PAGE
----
Over each SMAP pixel, we counted the number of PALSAR pixels classified as frozen and thawed. Table 6 presents the portion of PALSAR freezing pixels for shrubland, grassland, lichen/moss, wetlands, and bare land vegetation cover types. For the SMAP scene acquired on 25 June 2015, and classified as thawed, more than 90% of PALSAR pixels were effectively classified as thawed. Based on the observations from the Hobo-sensors data, installed under different vegetation covers and types of soil ecosystems, the soil starts to thaw, with the temperature higher than 1°C at –5 cm depth, from mid-May (Bernier et al. 2019). For the SMAP scenes acquired on 7 November 2010, 12, 2015, and 10 November 2016, and classified as thawed, the portion of PALSAR pixels classified as freezing is less than 50%, varying between 30% and 49%. During the same period, the soil state over the installed Hobo-sensors was freezing for H-1, H-4, H-5, and H-6 stations classified as grassland, lichen/moss, and bare land. For H – 1, for example, classified as lichen/moss, the first day of the freeze was October 25. For H-7 classified as shrubland, the soil freeze later from November 30. In fact, shrubland cover isolates the soil and affects the moisture and thermal regimes (Beer et al. 2007). Previous studies in the study area have shown that shrubs and spruce vegetation types are usually located in a clay soil texture (Gray and Pilon 1976; Allard and Seguin 1987). Clay soils with fewer pore spaces than sand soil (H-1 case) reduce thermal conductivity and imped air penetration (Lipiec et al. 2007). For freezing SMAP pixels, 14 November 2019, 23, 28, 2016, and December 2, 3, and 17, 2016 scenes, the portion of freezing PALSAR pixels was higher than 50% (between 58% and 88%).
This article presents the F/T monitoring results over the Tursujuq National Park between 25 June 2015, and 17 December 2016, using SMAP and PALSAR data. The Touati et al. (2019) F/T algorithm, with an overall accuracy greater than 80%, was applied to identify the soil state within each SMAP pixel. For PALSAR data, we applied a new seasonal threshold approach, using a specific reference threshold under each vegetation type (shrub, grass, lichen, wetland and bare land). The reference season thresholds were calculated for both HH and HV polarizations, the Backscattering Ratio (σ°HH/σ°HV) and the Backscattering Difference (σ°HH-σ°HV). The validation of the PALSAR F/T classification with soil temperature revealed a greater overall accuracy, above 80%, with HV thresholds.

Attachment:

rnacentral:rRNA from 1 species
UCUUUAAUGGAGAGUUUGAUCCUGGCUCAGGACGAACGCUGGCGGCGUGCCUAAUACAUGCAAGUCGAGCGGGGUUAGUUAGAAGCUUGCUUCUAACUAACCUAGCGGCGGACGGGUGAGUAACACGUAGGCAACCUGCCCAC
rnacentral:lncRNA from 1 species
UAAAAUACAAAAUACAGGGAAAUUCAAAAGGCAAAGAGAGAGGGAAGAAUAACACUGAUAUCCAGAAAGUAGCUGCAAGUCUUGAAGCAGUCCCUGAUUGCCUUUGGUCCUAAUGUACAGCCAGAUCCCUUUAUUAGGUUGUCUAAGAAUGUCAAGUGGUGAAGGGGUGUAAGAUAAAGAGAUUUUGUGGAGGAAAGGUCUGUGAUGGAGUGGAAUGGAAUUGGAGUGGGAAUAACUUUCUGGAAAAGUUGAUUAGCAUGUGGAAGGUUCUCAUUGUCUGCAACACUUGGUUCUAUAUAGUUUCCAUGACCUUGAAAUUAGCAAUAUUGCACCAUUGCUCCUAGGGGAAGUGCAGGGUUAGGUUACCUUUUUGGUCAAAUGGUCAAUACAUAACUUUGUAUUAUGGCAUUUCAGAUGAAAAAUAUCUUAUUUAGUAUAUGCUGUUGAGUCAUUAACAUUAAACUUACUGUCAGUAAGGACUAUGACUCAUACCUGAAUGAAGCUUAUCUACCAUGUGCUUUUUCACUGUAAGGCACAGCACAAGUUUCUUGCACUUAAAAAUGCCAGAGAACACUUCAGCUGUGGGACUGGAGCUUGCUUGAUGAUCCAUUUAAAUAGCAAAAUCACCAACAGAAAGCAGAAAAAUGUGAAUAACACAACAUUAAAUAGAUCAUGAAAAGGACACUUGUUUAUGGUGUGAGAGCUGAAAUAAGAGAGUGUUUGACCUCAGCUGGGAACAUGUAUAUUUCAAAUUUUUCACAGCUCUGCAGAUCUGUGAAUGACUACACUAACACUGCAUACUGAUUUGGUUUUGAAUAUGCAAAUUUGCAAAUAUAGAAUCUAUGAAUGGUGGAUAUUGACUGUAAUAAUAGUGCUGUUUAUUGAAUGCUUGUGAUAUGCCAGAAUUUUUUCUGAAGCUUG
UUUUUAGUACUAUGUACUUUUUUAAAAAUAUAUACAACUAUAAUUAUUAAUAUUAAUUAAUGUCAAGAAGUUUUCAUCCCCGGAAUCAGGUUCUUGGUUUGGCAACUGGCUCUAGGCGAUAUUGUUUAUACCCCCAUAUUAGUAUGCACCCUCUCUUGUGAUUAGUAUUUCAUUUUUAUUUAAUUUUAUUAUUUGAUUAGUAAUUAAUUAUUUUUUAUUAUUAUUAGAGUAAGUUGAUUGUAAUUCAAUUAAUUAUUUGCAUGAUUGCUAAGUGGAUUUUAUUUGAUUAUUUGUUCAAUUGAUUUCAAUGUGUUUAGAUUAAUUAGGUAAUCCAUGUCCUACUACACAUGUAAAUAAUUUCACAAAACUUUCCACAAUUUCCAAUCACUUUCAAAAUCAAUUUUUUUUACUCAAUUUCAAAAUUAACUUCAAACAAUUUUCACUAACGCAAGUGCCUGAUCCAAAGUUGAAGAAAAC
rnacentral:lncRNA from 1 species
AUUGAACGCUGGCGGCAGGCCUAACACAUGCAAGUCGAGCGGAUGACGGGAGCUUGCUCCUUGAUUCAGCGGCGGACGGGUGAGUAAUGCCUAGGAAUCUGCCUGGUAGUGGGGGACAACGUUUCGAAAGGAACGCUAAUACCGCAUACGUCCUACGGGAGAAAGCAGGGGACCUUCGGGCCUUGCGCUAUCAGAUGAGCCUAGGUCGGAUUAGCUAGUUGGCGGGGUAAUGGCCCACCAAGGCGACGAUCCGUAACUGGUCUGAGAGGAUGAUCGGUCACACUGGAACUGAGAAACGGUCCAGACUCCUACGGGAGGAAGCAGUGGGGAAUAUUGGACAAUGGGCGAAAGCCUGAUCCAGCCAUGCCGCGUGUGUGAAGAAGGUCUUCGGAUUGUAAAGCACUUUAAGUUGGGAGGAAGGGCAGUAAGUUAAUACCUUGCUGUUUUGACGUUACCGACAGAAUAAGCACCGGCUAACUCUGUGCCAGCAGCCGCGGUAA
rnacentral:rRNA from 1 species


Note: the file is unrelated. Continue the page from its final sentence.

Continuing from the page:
The five principal land cover types of this tundra are shrubs, grass, lichen, wetland, and bare land. Shrubland shows similar temporal backscatter trends to those of grass, lichen, and bare land areas. The radar signal decreases by about 1 to 2 dB for shrubs, grass, lichen, and bare land when the soil freezes. Only the wetland class has a particular signature showing temporal variation of more than 4 dB.
The freeze and thaw soil states identified by the PALSAR F/T algorithm were used to examine the SMAP pixel soil state over the mixed 36 km by 36 km SMAP pixel. The SMAP/PALSAR F/T classification comparison showed that the SMAP pixel was classified as frozen when more than 50% of the pixel area was classified as frozen using high-resolution PALSAR pixels (30 m).
We would like to thank the Japan Aerospace Exploration Agency (JAXA) for procuring access to free PALSAR data. We acknowledge the contribution made by our LMU colleagues during the field campaigns and the Centre d'Études Nordiques (CEN) for logistic support. We thank Prof. Ramata Magagi (Université de Sherbrooke, Canada), Prof. Alexandre Roy (Université du Québec à Trois-Rivières, Canada), and two anonymous reviewers for their comments on the manuscript.
The Canadian Space Agency (CSA) provided financial support through the CSA contribution program (Canadian SMAP initiative).